17 Jul 2019

Chatbots and Legal Agency

Can a chatbot dispense legal advice? Guide you through a mortgage application? Advise you on contra-indications for two medicines? Some scenarios may be suited to computers, as they don’t suffer from human memory limitations to recall every precedent or drug interaction. But, what if we believe they are human?

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By Labhaoise Ní Fhaoláin, Consultant, Head of Knowledge and Business Development, DAC Beachcroft Dublin


The road to personhood?

To make the chatbots experience comfortable and reassuring, AI is being deployed to make the bots “more human.” This is done by making responses seem as if they are typed at human speed, and even throw in a typo correction now and then. Also, by making them slightly less efficient in reaching the conclusion, but more engaging with social norms while initiating a conversation (“Hi, my name is..., how can I help?”) or seeking to reassure (“let me check that for you”). 

These “improvements” in social interaction also raise the Turing Test bar - how we can distinguish between interaction with a bot versus a human. Could the laws on agency be tweaked and applied as if the chatbot were a legal agent, in the traditional sense? Some thought has been given to the conferral of personhood (similar to the legal fiction of the status of a corporate body) on AI systems under which the AI system could own assets and be sued in court. 

The EU Parliament made a recommendation that AI be given personhood (akin to corporate personality) albeit requiring a human backing but one requiring, for instance, insurance for liability. The Parliament passed a resolution on 17 February 2017 recommending to the Commission that a “specific legal status” be given to robots. In an open letter, industry and experts stated that the natural person model should not apply because - among other issues - this would confer human rights on a robot which would be in contravention of the European Convention of Human Rights. However, the EU Commission did not take up the Parliament’s recommendation.

Law-makers are experts in finding ways to apply existing law to new problems. We can look back to the 6th century when the Irish Brehon Law principal of “to every cow its calf” was pivoted to protect copyright, when the High King of Ireland in passing judgment declared “to every book its copy.” This approach remains through the ages, and given the importance of consumer protection in the face of innovations in AI, whether existing law can be pivoted to protect consumers should continue to be explored. For example, can legal agency be applied to chatbots?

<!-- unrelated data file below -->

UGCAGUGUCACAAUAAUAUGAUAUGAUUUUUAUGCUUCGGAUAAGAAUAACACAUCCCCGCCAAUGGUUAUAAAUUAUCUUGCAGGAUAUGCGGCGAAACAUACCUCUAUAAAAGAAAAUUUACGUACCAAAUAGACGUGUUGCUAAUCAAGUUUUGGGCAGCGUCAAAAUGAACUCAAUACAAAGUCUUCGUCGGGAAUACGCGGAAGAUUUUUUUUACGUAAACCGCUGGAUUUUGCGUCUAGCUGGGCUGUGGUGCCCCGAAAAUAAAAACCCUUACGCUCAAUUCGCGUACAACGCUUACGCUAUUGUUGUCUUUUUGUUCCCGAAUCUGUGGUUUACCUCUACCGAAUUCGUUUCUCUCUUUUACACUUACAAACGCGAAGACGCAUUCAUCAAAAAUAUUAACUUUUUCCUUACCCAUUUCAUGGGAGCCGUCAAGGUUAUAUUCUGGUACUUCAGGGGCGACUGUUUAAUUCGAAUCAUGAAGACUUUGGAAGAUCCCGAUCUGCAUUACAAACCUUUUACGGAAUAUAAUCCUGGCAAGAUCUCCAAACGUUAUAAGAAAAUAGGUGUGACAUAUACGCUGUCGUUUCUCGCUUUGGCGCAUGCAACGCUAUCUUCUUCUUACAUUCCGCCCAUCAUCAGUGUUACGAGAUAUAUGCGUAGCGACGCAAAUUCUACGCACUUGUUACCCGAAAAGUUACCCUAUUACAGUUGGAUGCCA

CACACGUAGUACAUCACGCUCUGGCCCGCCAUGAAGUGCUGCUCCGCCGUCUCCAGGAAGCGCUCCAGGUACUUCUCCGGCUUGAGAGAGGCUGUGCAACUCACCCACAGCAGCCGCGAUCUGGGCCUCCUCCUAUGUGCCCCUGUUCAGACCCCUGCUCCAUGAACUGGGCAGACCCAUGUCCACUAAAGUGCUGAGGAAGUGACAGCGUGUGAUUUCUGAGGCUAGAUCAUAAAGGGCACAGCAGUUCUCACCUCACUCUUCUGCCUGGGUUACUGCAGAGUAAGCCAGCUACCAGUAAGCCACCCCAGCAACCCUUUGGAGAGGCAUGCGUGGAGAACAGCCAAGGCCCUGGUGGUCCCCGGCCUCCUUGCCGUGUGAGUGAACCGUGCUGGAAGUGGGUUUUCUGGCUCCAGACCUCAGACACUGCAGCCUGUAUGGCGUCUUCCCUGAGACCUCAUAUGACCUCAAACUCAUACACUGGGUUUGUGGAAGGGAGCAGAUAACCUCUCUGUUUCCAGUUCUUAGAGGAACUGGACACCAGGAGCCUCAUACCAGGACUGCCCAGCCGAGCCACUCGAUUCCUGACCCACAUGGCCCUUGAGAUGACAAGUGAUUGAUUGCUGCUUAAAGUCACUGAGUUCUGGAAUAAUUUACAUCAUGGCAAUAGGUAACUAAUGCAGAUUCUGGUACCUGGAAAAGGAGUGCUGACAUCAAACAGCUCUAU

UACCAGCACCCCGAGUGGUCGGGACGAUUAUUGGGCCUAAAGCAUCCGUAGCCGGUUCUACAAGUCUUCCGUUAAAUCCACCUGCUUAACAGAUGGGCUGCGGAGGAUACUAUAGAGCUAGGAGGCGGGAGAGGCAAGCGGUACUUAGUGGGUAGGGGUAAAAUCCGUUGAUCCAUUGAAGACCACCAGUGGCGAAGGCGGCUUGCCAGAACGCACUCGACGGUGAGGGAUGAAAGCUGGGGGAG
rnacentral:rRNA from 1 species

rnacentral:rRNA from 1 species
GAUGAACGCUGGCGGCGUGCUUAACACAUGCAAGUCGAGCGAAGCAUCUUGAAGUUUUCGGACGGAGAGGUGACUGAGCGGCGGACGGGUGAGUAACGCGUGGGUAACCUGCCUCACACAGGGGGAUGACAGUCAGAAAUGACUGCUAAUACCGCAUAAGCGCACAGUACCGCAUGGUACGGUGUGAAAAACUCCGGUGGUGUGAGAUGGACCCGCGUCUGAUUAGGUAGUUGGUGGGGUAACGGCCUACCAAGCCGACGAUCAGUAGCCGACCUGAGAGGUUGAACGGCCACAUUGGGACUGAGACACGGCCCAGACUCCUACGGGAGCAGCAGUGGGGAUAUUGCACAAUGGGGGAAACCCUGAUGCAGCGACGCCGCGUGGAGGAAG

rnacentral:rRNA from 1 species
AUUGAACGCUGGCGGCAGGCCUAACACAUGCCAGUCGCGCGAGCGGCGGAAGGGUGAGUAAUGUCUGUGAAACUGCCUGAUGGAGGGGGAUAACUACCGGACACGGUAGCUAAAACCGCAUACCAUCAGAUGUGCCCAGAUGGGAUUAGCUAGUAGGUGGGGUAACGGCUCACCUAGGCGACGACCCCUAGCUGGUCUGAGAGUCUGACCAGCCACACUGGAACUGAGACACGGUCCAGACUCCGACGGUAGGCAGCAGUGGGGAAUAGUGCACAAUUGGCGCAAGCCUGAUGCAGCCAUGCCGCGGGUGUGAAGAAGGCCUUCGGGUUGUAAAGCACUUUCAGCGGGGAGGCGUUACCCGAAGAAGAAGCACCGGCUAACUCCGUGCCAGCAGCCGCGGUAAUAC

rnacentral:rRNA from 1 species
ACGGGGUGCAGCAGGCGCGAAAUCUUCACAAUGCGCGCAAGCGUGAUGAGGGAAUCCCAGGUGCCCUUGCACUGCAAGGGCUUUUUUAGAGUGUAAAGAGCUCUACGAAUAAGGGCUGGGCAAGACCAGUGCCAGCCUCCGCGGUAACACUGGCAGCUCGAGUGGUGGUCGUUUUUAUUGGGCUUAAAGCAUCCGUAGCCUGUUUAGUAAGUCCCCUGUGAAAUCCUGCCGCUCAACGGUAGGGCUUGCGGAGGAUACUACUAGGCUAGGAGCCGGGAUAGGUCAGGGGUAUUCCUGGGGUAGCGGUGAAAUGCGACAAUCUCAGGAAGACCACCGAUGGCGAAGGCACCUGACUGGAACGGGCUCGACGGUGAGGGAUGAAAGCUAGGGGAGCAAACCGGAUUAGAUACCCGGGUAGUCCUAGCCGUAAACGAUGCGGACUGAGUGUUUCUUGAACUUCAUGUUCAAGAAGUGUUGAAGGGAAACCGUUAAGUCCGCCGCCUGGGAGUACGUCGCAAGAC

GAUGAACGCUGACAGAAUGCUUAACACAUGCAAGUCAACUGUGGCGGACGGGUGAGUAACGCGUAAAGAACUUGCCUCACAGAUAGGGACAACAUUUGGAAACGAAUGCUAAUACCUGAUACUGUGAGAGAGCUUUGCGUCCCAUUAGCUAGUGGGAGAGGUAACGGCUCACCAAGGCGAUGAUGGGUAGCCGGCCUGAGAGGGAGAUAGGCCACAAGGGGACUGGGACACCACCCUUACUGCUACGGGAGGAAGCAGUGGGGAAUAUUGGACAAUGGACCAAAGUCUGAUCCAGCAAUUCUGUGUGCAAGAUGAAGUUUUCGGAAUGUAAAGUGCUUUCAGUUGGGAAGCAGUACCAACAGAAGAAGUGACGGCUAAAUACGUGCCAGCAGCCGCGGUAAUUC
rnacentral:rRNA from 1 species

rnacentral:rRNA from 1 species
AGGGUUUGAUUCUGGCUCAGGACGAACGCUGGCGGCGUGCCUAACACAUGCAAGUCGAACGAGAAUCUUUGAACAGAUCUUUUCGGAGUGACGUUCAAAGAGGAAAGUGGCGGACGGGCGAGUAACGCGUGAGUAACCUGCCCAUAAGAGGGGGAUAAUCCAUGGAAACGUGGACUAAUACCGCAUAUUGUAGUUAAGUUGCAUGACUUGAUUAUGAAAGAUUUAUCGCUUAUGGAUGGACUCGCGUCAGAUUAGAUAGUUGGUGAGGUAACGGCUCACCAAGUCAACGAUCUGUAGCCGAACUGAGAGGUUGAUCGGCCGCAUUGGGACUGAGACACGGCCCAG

Agency means different things to different people 

Philosophers define agency as the capacity of an actor, or person with free will, to act in a given environment. In the social sciences, it is the capacity of individuals to act independently and to make their own free choices. From a psychology perspective, agency entails intentionality and implies the ability to perceive and to change the environment of the agent. There is a danger that a perceived lack of intent on the part of chatbots leave them to be considered only as mechanical devices. 

From a legal perspective, the agency relationship is a fiduciary one. Subject to certain exceptions, it is possible to engage another person to enter into a contract on your behalf - that person is your agent. The basic tenets of an agency relationship are capacity to act and consent. The capacity to act requires the agent to be able to carry out the necessary tasks in order to bind the principal. The agent can bind a principal even if the agent could not bind him or herself. For example a minor can act as an agent and bind the principal in contract even if that minor could not enter into the contract him/herself by virtue of not having the legal capacity to do so. An agent may act gratuitously and need not benefit from being an agent. 

Therefore an agency relationship may be distinguished from other forms of contract in which consideration is a key element. The doctrine of undisclosed principal is long established, and the identity of the principal is a “material ingredient” in agency. The disclosure and identity of the agent may also be relevant.

Applying legal agency to chatbots 

Whether the laws of agency could apply to chatbots are only relevant to the external aspect of agency (the interaction between the agent and third parties) rather than the internal aspect of agency (the agent interacting with the principal). There are parallels between a minor acting as an agent and a chatbot -- neither has the capacity to contract for him/her/itself but can contract on behalf of the principal. There is no consideration required for a relationship of agency to exist. Therefore there is no need for the chatbot to benefit in any way. 

It has been held that the identity of the principal may be “material ingredient” to an agreement in some cases. The nature of the agent (whether human or not) may also be relevant. The question of misrepresentation may arise and whether, and to what extent, the third party would have altered his/her course of action had they known that they were interacting with a chatbot may be relevant. Under Californian law, from 1st July 2019 chatbots must disclose that they are not human, if used for the purposes of exercising influence over a commercial transaction or over a vote in an election. 

Given the speed at which we are developing technology, there is a great need for lawyers, scientists, engineers and ethicists to work together to ensure that our technology laws are fit for purpose – not only the technology which is widely available but also technology which is in its infancy. 


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